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Victoria Embankment Gardens, Westminster


These mid-19th-century public gardens occupy a series of three sites curving round a loop on the north side of the River Thames between Blackfriars Bridge to the east and Westminster Bridge to the south. Features include lawns and floral beds, with many statues. Concerts are held during the summer.

The following is from the Register of Parks and Gardens of Special Historic Interest. For the most up-to-date Register entry, please visit the The National Heritage List for England (NHLE):

A set of mid C19 public gardens made from land reclaimed from the River Thames as part of the development of the Victoria Embankment, considered at that time to be the finest thoroughfare in Europe.



The gardens occupy a series of three sites curving round a loop on the north side of the River Thames between Blackfriars Bridge to the east and Westminster Bridge to the south. All are bounded to either the south or east by Victoria Embankment. The easternmost section, Temple Garden, is bounded to the north and east by Temple Place and to the west by the entrance to the Temple Underground station. A small triangular portion is separated from the main Temple Garden by Temple station buildings, and is also bounded to the north and west by Temple Place. The main section of the Victoria Embankment Gardens, Villiers Street Garden, is c 500m south-west of Temple Garden and is bounded to the north and east by Savoy Place, and to the west by Villiers Street, with Embankment Place to the south-west. The third garden, Whitehall Garden, is 100m to the south, separated from Villiers Street Garden by Hungerford Bridge. Whitehall Garden is bounded to the north by Northumberland Avenue and Whitehall Place, the buildings in Whitehall Court provide the boundary to the west, and Horseguards Avenue the boundary to the south. Temple Garden is enclosed within chain-link fencing; the other two sections are enclosed within iron railings and have shrubberies growing along the boundaries.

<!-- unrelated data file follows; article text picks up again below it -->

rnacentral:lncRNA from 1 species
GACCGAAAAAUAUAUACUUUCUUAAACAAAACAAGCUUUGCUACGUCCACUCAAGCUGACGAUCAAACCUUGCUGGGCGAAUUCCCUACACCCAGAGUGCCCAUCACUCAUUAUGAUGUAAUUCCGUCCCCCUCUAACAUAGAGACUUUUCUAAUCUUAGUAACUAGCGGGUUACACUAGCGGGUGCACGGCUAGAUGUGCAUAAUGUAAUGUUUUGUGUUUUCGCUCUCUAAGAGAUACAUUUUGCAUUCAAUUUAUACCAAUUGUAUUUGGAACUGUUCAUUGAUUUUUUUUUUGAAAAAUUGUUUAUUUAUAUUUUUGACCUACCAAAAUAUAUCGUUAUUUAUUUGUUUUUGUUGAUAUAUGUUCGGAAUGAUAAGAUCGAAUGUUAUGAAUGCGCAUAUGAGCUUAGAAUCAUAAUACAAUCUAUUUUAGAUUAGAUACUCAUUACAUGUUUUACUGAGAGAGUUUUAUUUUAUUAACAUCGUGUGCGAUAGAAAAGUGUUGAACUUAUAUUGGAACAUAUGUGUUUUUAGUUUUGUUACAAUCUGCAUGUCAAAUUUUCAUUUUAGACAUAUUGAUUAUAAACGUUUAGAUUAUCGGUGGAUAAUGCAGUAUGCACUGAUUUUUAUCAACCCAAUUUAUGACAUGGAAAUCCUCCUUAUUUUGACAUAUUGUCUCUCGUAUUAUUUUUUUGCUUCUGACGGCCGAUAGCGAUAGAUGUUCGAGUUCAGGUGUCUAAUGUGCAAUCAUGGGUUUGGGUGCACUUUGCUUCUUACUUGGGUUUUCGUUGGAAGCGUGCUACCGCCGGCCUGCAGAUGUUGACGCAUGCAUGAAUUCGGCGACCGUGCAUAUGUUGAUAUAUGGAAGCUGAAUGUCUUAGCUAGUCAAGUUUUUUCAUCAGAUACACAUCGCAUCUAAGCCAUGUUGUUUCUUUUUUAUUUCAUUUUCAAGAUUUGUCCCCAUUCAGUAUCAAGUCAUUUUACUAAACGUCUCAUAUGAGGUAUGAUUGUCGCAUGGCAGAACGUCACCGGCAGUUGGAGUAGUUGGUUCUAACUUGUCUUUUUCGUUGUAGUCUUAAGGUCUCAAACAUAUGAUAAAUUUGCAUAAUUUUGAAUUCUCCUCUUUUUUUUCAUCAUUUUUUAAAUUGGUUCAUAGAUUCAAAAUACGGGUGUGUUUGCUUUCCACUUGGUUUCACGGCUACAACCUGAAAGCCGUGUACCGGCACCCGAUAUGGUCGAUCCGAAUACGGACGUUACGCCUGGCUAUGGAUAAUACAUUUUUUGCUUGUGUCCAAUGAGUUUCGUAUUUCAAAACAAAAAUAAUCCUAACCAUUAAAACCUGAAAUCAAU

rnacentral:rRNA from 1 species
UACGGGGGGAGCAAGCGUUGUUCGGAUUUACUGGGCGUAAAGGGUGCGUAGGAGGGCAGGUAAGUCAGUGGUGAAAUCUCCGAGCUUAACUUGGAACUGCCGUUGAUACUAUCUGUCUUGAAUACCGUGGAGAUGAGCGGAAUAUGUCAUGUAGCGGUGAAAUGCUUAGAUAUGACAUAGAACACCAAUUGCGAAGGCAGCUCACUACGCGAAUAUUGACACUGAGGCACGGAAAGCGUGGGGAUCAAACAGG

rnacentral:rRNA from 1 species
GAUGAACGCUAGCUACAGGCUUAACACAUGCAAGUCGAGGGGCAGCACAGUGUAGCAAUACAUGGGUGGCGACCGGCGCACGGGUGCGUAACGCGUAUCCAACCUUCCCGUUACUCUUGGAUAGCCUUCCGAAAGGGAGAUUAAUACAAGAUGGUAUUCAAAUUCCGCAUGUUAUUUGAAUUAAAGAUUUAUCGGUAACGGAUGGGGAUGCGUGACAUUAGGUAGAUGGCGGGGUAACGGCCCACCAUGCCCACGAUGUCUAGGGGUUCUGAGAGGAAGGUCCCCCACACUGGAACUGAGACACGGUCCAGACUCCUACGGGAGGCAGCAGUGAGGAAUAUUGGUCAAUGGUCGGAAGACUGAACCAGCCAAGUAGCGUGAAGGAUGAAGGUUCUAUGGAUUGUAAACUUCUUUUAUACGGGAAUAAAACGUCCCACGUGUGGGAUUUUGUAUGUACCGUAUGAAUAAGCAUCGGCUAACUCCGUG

Each of the three sites has a number of entrances from either the Embankment or the other streets bordering the gardens.